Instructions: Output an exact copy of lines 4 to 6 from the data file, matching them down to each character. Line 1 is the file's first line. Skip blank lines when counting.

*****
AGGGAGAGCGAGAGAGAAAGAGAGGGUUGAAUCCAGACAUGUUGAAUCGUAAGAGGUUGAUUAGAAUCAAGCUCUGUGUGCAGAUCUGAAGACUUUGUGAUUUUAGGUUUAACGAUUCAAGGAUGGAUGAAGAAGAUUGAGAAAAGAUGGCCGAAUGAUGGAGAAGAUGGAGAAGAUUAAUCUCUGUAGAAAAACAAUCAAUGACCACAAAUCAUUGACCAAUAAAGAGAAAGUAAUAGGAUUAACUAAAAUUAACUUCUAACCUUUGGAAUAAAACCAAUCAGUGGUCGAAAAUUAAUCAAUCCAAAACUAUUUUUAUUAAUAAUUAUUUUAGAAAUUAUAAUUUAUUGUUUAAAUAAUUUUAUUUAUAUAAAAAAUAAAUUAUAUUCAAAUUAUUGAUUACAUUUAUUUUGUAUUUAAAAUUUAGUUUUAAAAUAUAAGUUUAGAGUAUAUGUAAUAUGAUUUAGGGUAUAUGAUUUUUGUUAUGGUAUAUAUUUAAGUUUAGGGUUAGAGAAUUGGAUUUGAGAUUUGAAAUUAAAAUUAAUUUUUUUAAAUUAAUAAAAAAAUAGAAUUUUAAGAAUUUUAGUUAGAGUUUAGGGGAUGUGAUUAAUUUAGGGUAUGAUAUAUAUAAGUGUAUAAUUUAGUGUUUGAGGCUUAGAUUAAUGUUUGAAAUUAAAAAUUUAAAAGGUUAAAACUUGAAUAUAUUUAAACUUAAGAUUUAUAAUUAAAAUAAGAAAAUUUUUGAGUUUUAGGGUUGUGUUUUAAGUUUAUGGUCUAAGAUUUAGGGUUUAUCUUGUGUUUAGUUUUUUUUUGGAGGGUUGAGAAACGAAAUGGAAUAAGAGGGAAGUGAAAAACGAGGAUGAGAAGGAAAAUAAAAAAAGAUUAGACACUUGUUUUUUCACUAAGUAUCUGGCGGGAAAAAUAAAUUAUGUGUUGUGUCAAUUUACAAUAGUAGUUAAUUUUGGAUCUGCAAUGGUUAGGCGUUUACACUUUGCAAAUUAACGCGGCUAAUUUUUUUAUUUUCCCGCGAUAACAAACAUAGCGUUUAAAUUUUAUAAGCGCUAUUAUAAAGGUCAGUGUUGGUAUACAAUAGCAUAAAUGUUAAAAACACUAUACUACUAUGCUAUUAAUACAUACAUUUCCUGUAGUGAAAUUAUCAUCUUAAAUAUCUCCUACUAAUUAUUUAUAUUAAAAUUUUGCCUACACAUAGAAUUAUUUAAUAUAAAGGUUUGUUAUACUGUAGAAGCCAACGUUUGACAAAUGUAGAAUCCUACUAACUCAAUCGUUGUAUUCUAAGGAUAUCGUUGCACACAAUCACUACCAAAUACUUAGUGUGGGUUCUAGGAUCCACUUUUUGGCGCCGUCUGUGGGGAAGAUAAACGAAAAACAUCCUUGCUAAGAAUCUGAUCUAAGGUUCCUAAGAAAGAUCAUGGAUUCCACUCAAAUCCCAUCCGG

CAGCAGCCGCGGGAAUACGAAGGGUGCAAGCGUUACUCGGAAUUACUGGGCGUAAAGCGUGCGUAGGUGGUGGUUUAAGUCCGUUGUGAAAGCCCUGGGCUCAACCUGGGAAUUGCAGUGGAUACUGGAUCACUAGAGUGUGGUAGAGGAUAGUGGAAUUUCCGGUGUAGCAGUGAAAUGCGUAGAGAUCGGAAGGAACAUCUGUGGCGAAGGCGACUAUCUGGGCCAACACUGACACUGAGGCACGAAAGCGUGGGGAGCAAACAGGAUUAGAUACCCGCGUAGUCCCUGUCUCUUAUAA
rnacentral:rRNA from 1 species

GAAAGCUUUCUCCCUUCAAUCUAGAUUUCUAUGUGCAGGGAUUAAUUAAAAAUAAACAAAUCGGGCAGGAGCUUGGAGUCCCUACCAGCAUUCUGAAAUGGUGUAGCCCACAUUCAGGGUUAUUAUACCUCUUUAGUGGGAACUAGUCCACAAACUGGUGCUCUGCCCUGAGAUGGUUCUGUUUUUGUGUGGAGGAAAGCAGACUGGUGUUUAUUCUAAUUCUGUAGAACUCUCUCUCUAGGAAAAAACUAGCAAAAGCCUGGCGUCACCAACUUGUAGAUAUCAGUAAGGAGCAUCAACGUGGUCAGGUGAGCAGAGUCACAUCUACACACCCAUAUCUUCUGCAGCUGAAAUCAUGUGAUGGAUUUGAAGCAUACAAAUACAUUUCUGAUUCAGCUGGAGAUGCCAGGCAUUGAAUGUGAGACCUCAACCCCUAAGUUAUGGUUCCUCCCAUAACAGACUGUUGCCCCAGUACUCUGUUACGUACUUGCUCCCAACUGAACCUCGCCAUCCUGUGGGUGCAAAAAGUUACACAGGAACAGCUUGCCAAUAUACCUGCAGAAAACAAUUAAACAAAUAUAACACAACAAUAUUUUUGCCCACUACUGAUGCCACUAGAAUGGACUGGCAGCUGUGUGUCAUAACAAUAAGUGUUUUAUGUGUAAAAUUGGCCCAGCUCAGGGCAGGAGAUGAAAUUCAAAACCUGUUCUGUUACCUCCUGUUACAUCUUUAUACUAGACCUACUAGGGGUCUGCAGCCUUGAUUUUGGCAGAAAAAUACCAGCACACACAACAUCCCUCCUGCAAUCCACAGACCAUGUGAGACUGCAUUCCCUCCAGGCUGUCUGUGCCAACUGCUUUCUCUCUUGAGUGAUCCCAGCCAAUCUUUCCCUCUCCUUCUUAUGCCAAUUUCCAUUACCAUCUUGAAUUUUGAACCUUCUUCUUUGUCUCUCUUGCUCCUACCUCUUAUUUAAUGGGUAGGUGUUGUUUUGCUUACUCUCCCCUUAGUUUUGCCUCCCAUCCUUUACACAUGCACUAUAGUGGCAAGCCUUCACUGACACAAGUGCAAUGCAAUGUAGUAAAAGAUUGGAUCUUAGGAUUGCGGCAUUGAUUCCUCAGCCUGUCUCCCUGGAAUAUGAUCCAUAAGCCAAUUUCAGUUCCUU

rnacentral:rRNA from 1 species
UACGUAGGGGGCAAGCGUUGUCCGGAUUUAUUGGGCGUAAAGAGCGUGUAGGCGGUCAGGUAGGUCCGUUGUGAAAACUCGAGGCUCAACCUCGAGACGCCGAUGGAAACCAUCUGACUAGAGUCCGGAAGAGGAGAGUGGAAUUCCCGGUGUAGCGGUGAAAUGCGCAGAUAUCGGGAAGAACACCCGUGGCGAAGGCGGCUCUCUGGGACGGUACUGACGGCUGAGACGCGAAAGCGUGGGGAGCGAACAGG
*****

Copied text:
GAAAGCUUUCUCCCUUCAAUCUAGAUUUCUAUGUGCAGGGAUUAAUUAAAAAUAAACAAAUCGGGCAGGAGCUUGGAGUCCCUACCAGCAUUCUGAAAUGGUGUAGCCCACAUUCAGGGUUAUUAUACCUCUUUAGUGGGAACUAGUCCACAAACUGGUGCUCUGCCCUGAGAUGGUUCUGUUUUUGUGUGGAGGAAAGCAGACUGGUGUUUAUUCUAAUUCUGUAGAACUCUCUCUCUAGGAAAAAACUAGCAAAAGCCUGGCGUCACCAACUUGUAGAUAUCAGUAAGGAGCAUCAACGUGGUCAGGUGAGCAGAGUCACAUCUACACACCCAUAUCUUCUGCAGCUGAAAUCAUGUGAUGGAUUUGAAGCAUACAAAUACAUUUCUGAUUCAGCUGGAGAUGCCAGGCAUUGAAUGUGAGACCUCAACCCCUAAGUUAUGGUUCCUCCCAUAACAGACUGUUGCCCCAGUACUCUGUUACGUACUUGCUCCCAACUGAACCUCGCCAUCCUGUGGGUGCAAAAAGUUACACAGGAACAGCUUGCCAAUAUACCUGCAGAAAACAAUUAAACAAAUAUAACACAACAAUAUUUUUGCCCACUACUGAUGCCACUAGAAUGGACUGGCAGCUGUGUGUCAUAACAAUAAGUGUUUUAUGUGUAAAAUUGGCCCAGCUCAGGGCAGGAGAUGAAAUUCAAAACCUGUUCUGUUACCUCCUGUUACAUCUUUAUACUAGACCUACUAGGGGUCUGCAGCCUUGAUUUUGGCAGAAAAAUACCAGCACACACAACAUCCCUCCUGCAAUCCACAGACCAUGUGAGACUGCAUUCCCUCCAGGCUGUCUGUGCCAACUGCUUUCUCUCUUGAGUGAUCCCAGCCAAUCUUUCCCUCUCCUUCUUAUGCCAAUUUCCAUUACCAUCUUGAAUUUUGAACCUUCUUCUUUGUCUCUCUUGCUCCUACCUCUUAUUUAAUGGGUAGGUGUUGUUUUGCUUACUCUCCCCUUAGUUUUGCCUCCCAUCCUUUACACAUGCACUAUAGUGGCAAGCCUUCACUGACACAAGUGCAAUGCAAUGUAGUAAAAGAUUGGAUCUUAGGAUUGCGGCAUUGAUUCCUCAGCCUGUCUCCCUGGAAUAUGAUCCAUAAGCCAAUUUCAGUUCCUU

rnacentral:rRNA from 1 species
UACGUAGGGGGCAAGCGUUGUCCGGAUUUAUUGGGCGUAAAGAGCGUGUAGGCGGUCAGGUAGGUCCGUUGUGAAAACUCGAGGCUCAACCUCGAGACGCCGAUGGAAACCAUCUGACUAGAGUCCGGAAGAGGAGAGUGGAAUUCCCGGUGUAGCGGUGAAAUGCGCAGAUAUCGGGAAGAACACCCGUGGCGAAGGCGGCUCUCUGGGACGGUACUGACGGCUGAGACGCGAAAGCGUGGGGAGCGAACAGG